Famous American model and actress, Emily Ratajkowski, took to Twitter to wonder what the precedent set by the biggest social media platforms blocking the US president's accounts for "the violation of rules", citing his posts addressing the events in the US capital, could mean for ordinary people like us.
The 29-year-old Hollywood star expressed her view that the move made by Facebook, Instagram, and, apparently the most relevant for Trump - Twitter - could give social media moguls like Mark Zuckerberg too much power over the freedom of speech.
This gives Facebook/tech/Zuck THE MOST POWER. If he can shut the president up/off he can shut any of us up/off— Emily Ratajkowski (@emrata) January 7, 2021
Soon after, controversy erupted in the replies section of her tweet, as some of the starlet's followers sided with her point of view, while others argued that every person on social media signs a digital terms of service agreement that they undertake to comply with, and it is up to companies to decide whether one's posts violate their terms.
lol. Emily has a really good point. Censorship will always be used against us. You think it's used for good against the President, great. But inevitably it will hit the people even harder. She's thinking logically in the long-term, you're thinking emotionally in the short-term.— Sabow 🇵🇸 - Tacoma Wept 😭🤮 (@sabowsky) January 7, 2021
She’s talking about the ability to censor people, taking away their right to free speech.— Michael Watkins (@radiokalin63) January 7, 2021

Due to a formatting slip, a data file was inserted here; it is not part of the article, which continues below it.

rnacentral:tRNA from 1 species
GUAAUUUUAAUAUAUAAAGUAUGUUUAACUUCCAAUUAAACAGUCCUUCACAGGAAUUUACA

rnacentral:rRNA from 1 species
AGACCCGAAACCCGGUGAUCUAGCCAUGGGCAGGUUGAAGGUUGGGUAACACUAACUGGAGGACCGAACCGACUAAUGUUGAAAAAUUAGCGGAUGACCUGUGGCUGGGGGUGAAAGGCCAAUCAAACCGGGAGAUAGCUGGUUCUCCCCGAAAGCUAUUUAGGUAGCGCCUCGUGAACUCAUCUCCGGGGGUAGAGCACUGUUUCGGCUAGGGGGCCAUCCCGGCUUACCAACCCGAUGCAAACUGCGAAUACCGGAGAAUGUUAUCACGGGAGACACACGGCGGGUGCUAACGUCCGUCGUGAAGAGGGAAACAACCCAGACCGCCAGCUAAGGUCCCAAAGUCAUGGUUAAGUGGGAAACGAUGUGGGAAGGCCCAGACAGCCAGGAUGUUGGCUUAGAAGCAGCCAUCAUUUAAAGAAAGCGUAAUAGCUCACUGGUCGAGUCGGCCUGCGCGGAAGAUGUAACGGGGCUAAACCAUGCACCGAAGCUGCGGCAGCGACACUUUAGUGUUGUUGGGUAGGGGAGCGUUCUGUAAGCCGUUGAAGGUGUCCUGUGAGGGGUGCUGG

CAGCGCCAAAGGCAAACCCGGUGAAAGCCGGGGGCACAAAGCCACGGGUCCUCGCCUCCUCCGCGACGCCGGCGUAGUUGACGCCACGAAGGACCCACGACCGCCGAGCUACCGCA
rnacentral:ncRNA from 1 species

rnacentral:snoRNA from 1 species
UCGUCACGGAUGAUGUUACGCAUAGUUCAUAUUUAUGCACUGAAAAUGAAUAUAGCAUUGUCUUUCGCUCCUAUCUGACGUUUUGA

Yes they can - they are private entities, if you violate their terms of service they can shut you down - not hard to understand. You have no inherent right to use their platforms......— Eric Corrigan (@NY_EMC) January 7, 2021
One of the followers replied to Ratajkowski's comment on the recent events by saying that it would be much better to log off of social media and just take a walk, to which the star replied:
Actually no social media is an incredible tool to organize grassroots movements as proved by this summer’s protests— Emily Ratajkowski (@emrata) January 7, 2021
One user remembered President Trump's calls to end Section 230 of the 1996 Communications Decency Act that relieves the responsibility of internet companies for the content their users' posts, which is viewed by some as a means of big tech censorship online.
If only we had a president who was willing to fight against 230.— CapNKirkland (@CapNKirkland_1) January 7, 2021
Later, Ratajkowski explained her concerns over the power that tech companies have over users' freedom of speech, claiming that the media has been censoring left-wing political activists, who were dubbed "extremists".
My concern is that this gives big tech the opportunity to shut down “leftist extremists” who are important political organizers.— Emily Ratajkowski (@emrata) January 7, 2021
One of the users replied to the star, stating that whoever is inciting violence and spreading misinformation should be banned no matter what their political orientation is.
If there are “left extremists” that spread misinformation & then encourage/incite violence, they should be deactivated from their social platforms. It’s wrong no matter who does it.— farakeet (@farakeet) January 7, 2021
The US president has also seen his accounts suspended on Snapchat and Twitch for violations of the platforms' rules.
On Wednesday, as the US Congress convened to certify the results of the presidential election, Trump told his supporters, who assembled for a rally in Washington, DC, that the election was "stolen" from them and he will not concede to the results.
Shortly after that, his supporters interrupted the Congress' joint session as they stormed and broke into the US Capitol building. Law enforcement used tear gas and stun bombs to disperse the crowd and, according to the police, four people were killed in the demonstrations. Donald Trump, in turn, urged his followers to uphold law and order and to go home "in peace".
After the interrupted session, the US Congress reconvened and finally certified Joe Biden’s election victory.